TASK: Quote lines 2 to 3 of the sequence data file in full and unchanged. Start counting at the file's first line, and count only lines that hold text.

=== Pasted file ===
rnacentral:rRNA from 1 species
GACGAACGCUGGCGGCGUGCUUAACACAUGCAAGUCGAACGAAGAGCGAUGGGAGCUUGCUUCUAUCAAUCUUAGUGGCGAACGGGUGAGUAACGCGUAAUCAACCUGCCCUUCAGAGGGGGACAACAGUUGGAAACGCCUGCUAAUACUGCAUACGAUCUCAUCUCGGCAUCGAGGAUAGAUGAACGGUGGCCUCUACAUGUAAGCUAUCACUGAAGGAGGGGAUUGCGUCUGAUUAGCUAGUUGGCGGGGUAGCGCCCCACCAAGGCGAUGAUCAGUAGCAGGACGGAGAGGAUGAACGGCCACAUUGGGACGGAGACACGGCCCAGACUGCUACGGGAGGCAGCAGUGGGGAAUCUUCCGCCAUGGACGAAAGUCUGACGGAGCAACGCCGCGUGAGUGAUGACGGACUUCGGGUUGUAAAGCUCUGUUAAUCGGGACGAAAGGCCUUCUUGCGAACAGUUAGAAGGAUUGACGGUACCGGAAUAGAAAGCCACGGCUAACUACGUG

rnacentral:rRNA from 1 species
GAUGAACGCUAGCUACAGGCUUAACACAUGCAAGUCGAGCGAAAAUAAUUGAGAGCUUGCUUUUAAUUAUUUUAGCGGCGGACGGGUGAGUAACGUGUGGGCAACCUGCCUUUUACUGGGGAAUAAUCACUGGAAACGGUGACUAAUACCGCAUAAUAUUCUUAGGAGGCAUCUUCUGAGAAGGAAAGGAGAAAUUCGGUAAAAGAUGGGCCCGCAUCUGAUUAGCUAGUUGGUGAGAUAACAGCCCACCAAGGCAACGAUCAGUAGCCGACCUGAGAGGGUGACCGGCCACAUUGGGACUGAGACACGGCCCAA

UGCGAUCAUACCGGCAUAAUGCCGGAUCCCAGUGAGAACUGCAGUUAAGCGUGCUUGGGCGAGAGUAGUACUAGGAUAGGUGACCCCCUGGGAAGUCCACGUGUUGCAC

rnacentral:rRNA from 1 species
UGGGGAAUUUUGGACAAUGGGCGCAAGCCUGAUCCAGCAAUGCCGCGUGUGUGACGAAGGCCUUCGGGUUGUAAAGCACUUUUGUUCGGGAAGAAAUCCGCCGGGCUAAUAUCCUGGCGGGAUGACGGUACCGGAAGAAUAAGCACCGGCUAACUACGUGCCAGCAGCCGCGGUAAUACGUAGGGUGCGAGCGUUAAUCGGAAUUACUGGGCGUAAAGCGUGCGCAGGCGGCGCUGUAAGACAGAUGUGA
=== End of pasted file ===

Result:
GACGAACGCUGGCGGCGUGCUUAACACAUGCAAGUCGAACGAAGAGCGAUGGGAGCUUGCUUCUAUCAAUCUUAGUGGCGAACGGGUGAGUAACGCGUAAUCAACCUGCCCUUCAGAGGGGGACAACAGUUGGAAACGCCUGCUAAUACUGCAUACGAUCUCAUCUCGGCAUCGAGGAUAGAUGAACGGUGGCCUCUACAUGUAAGCUAUCACUGAAGGAGGGGAUUGCGUCUGAUUAGCUAGUUGGCGGGGUAGCGCCCCACCAAGGCGAUGAUCAGUAGCAGGACGGAGAGGAUGAACGGCCACAUUGGGACGGAGACACGGCCCAGACUGCUACGGGAGGCAGCAGUGGGGAAUCUUCCGCCAUGGACGAAAGUCUGACGGAGCAACGCCGCGUGAGUGAUGACGGACUUCGGGUUGUAAAGCUCUGUUAAUCGGGACGAAAGGCCUUCUUGCGAACAGUUAGAAGGAUUGACGGUACCGGAAUAGAAAGCCACGGCUAACUACGUG

rnacentral:rRNA from 1 species